LONG TERM FOCUS: Beans
They have a great “chili bean” mix in the bulk section at Winco.  I think it’s a combination of 5-6 different beans.  It would be easy to buy several pounds and then store in 2-liter bottles, or in Mylar bags, or even pint jars.  

If you have never cooked dry beans, the one thing to remember is that after you soak them, whether overnight, or after boiling, you pour off that water and start with fresh water.  The longer soaker removes more of the “gassy” chemicals, so it is preferred.  But the short soak will still work.  In fact, I’ve been known to just fill the pot with water and boil it away.  About 1/2 way through cooking, I pour off that water and continue with fresh water. 

SHORT TERM FOCUS: Tomato Sauce

Best tomatoSo I watched a video from a “camper” who dehydrated a lot of his food for backpacking.  One of the things he did was dehydrate sauces:  tomato sauce, cream of mushroom soup, etc. for use in casseroles.  So I thought I’d try it.  I opened some tomato paste, and measured out 1 TB at a time onto my dehydrating sheets and flattened them out.  I did two cans.  They came out as nearly black rectangles.  The next step is to rehydrate and see what I get.  Stay tuned.

72-HOUR KIT FOCUS: Money

Each kit should have some money.  How much is up to you.  I think I have maybe $40 in my pack?  Small bills.  I’ve heard some people recommend up to $300.  Today, put some money in your pack, even if it’s just $5.  No packs?  That’s okay, put some $ in an envelope and put it in the glove compartment, or in the cubby where the spare tire is kept.  Someplace in the car.  Small bills are best.  Some coins.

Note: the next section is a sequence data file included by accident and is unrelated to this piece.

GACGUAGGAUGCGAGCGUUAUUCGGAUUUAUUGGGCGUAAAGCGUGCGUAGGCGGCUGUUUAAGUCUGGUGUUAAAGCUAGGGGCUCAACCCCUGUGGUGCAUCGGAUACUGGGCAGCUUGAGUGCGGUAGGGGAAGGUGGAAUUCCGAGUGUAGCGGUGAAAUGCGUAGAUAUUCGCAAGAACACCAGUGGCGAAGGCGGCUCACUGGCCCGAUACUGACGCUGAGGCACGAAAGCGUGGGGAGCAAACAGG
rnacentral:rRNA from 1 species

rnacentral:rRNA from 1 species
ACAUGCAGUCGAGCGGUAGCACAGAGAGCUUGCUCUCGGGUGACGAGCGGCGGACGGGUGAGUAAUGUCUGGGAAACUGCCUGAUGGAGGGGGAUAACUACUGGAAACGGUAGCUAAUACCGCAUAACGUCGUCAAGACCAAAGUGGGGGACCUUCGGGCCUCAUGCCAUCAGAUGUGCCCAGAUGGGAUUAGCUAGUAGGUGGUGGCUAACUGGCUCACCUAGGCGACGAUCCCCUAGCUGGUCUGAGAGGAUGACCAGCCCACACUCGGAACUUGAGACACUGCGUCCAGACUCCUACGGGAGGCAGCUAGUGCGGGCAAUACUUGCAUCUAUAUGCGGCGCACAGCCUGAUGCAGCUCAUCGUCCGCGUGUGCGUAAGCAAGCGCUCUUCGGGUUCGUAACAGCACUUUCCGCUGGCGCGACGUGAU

MISC FOCUS: Kleenex

We use a lot of kleenex at my house.  I store 4-5 boxes of it under the sink.  You don’t want to have to waste precious TP for runny noses.  Keeping a box in the car is also a good idea.  At least a travel pack of kleenex in the glove compartment.

FOOD STORAGE RECIPES
More Beans and Rice recipes from The Prepper’s Cookbook by Tess Pennington
(no directions are given)

Mediterranean Beans and Rice
4 c. prepared white or brown rice
3-4 c. cooked cannellini beans (white kidney beans)
1 6-oz jar marinated artichoke hearts, drained and chopped
1 tsp celery seed powder
1 TB garlic powder
1/2 c. whole pitted green olives
1 TB lemon juice
1 TB dried parsley
1 tsp dried dill weed
salt and pepper

Baltimore Beans and Rice
4 c. prepared white or brown rice
3-4 c. cooked black-eyed peas
1 c. fresh kale or spinach, chopped
1 TB apple cider vinegar
1 TB Worcestershire sauce
1 15-oz can whole kernel corn, rinsed and drained
2 TB Old Bay or Chesapeake seafood seasoning

Rice Fagioli
4 c. prepared white or brown rice